2 Hooting Mandrills
2 Inquisition of Kozilek
1 Grafdigger’s Cage
1 Nihil Spellbomb
1 Stony Silence
1 Pyroclasm
2 Path to Exile
1 Ancient Grudge
1 Dismember

Patrick makes an interesting observation about this deck. It has relatively few cards “you would actually spend mana on” and an effective average casting cost of below 1.

Yi’s version, with Traverse the Ulvenwald in the sideboard, can do some interesting things… Like find that basic Forest, or double up the ability to hit Ranger of Eos (without having to play a second copy of Ranger of Eos). Patrick and Mike both think Ranger of Eos is a perpetually underplayed card; in this deck it can get a hasty Monastery Swiftspear, or multiple Death’s Shadows. If all it does is find two copies of Wild Nacatl, Ranger of Eos is already a more mana efficient Broodmate Dragon (nine power over six mana instead of eight power over six mana, and starting up two turns faster).

Jund — one of the most popular Modern archetypes — had many different takes over three gigantic Grand Prix last weekend. One of the most interesting ones was in the hands of Hall of Famer Raph Levy:

Jund – Top 64 Grand Prix Lille, by Raphael Levy

4 Liliana of the Veil

4 Dark Confidant
1 Grim Lavamancer
2 Kalitas, Traitor of Ghet
1 Pia and Kiran Nalaar
4 Tarmogoyf

1 Dreadbore
4 Inquisition of Kozilek
2 Thoughtseize
4 Lightning Bolt
1 Slaughter Pact
4 Terminate
4 Blood Moon

4 Blackcleave Cliffs
1 Blood Crypt
3 Bloodstained Mire
1 Forest
1 Mountain
1 Overgrown Tomb
1 Stomping Ground
4 Swamp
4 Verdant Catacombs
4 Wooded Foothills

sb:
1 Thoughtseize
1 Engineered Explosives
2 Grafdigger’s Cage
1 Nihil Spellbomb
1 Spellskite
1 Thragtusk
1 Vampire Nighthawk
1 Damnation
1 Ancient Grudge
2 Collective Brutality
2 Shatterstorm
1 Rakdos Charm

Blood Moon?

Is that four copies of Blood Moon? And main deck?

“Why should anyone be allowed to do anything?” Sure, sometimes Blood Moon messes up Jund; but there are spots where it will mess the opponent up even worse.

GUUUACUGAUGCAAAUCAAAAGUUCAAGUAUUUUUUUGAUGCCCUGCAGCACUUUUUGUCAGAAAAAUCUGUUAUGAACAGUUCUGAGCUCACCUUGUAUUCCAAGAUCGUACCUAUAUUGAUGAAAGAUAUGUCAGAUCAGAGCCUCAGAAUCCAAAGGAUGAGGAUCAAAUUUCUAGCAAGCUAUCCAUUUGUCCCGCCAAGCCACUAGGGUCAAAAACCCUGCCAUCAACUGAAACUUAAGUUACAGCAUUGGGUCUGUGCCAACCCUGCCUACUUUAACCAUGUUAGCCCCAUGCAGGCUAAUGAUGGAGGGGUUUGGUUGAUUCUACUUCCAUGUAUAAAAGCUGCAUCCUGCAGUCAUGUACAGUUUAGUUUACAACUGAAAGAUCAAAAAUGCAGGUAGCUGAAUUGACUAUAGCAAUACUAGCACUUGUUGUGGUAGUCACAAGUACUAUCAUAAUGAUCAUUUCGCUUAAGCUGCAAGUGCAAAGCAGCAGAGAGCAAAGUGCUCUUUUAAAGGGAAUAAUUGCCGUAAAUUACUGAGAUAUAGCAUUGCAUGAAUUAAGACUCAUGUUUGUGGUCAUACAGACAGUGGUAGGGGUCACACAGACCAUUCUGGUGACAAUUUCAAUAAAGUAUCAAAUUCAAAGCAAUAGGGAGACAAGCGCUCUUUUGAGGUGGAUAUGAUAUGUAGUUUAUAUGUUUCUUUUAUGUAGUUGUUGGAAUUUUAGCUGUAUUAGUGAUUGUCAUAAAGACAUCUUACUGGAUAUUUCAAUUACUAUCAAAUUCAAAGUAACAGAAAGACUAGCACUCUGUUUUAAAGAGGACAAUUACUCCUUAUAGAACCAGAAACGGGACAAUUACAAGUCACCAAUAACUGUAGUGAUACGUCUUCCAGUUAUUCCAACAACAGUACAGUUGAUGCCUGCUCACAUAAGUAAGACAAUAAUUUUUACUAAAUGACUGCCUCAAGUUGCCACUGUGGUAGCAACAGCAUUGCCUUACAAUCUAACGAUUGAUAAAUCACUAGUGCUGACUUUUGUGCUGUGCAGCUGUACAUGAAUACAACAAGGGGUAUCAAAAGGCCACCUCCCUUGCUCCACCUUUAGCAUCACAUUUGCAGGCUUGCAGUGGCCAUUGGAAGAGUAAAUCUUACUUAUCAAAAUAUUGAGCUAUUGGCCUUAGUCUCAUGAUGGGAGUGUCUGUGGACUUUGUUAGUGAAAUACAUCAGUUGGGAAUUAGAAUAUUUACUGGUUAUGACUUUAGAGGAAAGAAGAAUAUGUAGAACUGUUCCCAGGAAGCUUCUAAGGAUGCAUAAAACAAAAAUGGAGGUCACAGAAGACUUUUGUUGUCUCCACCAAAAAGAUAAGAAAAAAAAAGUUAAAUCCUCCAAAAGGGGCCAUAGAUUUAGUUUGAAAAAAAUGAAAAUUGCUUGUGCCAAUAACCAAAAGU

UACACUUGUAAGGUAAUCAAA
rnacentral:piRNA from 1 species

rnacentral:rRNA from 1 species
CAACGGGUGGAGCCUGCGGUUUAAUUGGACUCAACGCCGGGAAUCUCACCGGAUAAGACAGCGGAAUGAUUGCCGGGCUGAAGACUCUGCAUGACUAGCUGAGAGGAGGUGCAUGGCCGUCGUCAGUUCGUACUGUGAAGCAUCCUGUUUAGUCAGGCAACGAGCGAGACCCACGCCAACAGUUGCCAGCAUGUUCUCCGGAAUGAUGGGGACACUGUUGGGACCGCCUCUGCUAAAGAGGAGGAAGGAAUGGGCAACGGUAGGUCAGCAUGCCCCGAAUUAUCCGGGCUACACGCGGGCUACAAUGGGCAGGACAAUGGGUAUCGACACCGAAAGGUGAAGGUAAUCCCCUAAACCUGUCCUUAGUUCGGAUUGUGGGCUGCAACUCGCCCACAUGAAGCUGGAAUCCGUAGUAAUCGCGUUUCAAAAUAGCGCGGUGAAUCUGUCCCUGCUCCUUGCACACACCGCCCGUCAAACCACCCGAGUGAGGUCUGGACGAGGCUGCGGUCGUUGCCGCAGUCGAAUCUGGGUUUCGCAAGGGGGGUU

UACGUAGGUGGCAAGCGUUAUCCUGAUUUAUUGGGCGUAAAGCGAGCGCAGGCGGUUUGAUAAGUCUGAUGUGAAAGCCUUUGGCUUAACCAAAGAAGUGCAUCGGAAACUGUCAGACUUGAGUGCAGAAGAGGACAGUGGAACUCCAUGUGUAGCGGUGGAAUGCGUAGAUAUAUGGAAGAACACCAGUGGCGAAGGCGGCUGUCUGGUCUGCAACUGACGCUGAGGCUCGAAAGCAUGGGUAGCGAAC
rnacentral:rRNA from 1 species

“Is Wild Nacatl a Great Choice for Naya Burn?” covers much, much more than a couple of green Modern decks, from the control side of Grixis and the various brands of Azorius; all the way to the mindset of a Hate Bears player. What is the Hate Bears Plan A, anyway?

All your questions will be answered in “Is Wild Nacatl a Great Choice for Naya Burn?”

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Crush of Tentacles – Beyond the Top 8

crush-of-tentacles
Two different Crush of Tentacles decks were top performers at the New Jersey Invitational (though neither made Top 8, due to Modern)

“Send to Sleep”
-Patrick Chapin

Patrick is half-referencing one of the cards in one of the two 7-1 (or better) U/G Crush of Tentacles decks from last weekend’s Star City Invitational in New Jersey… But he’s also kinda sorta playing on words.

Is Standard super boring right now?

Mike moves to convince his podcast partner that Standard is in fact super open, interesting, and ripe for optimization. Here are some decks that might get your creative juices going…

U/G Crush by William Moore

4 Den Protector
4 Elvish Visionary

4 Anticipate
2 Summary Dismissal
4 Pieces of the Puzzle
4 Crush of Tentacles
4 Part the Waterveil
4 Explosive Vegetation
4 Nissa’s Pilgrimage
2 Nissa’s Renewal

3 Blighted Woodland
4 Lumbering Falls
9 Forest
8 Island

Sideboard
4 Jaddi Offshoot
4 Revealing Wind
3 Dispel
4 Negate

U/G Crush by Zac Elsik

4 Den Protector
4 Elvish Visionary
2 Nissa, Vastwood Seer
1 Ulamog, the Ceaseless Hunger

3 Anticipate
4 Crush of Tentacles
2 Oath of Nissa
1 Nissa’s Renewal
3 Part the Waterveil
3 Send to Sleep
4 Nissa’s Pilgrimage
1 Sight Beyond Sight
4 Explosive Vegetation

1 Blighted Woodland
8 Island
9 Forest
4 Lumbering Falls
1 Skyline Cascade
1 Yavimaya Coast

Sideboard
1 Summary Dismissal
3 Noose Constrictor
2 Clip Wings
1 Void Shatter
4 Jaddi Offshoot
1 Orbs of Warding
1 Display of Dominance
2 Dispel

Esper Control by Shaheen Soorani

4 Jace, Vryn’s Prodigy
1 Emrakul, the Promised End

1 Liliana, the Last Hope
2 Narset Transcendent
1 Ob Nixilis Reignited
2 Sorin, Grim Nemesis

1 Anguished Unmaking
1 Coax from the Blind Eternities
4 Oath of Jace
1 Ruinous Path
3 Transgress the Mind
2 Dark Petition
4 Languish
1 Silumgar’s Command
1 Ultimate Price
4 Grasp of Darkness
1 Descend upon the Sinful

4 Choked Estuary
2 Evolving Wilds
1 Plains
4 Prairie Stream
4 Shambling Vent
4 Sunken Hollow
5 Swamp
2 Island

Sideboard
1 Liliana, the Last Hope
1 Emrakul, the Promised End
1 Summary Dismissal
2 Kalitas, Traitor of Ghet
1 Fathom Feeder
1 Ruinous Path
2 Infinite Obliteration
1 Dragonlord Silumgar
1 Murder
2 Negate
2 Duress

Shaheen Soorani — sometimes touted as the most successful Invitational player in Star City history — might not have made Top 8, but he did go undefeated in Standard. Unsurprisingly, Shaheen’s “Esper” solution is actually two decks mashed up with two different decks (i.e. right in Mike’s wheelhouse). It’s also basically a B/W board control deck — an established quantity in Standard — splashing for Jace, Oath of Jace, and… Coax the Blind Eternities?!?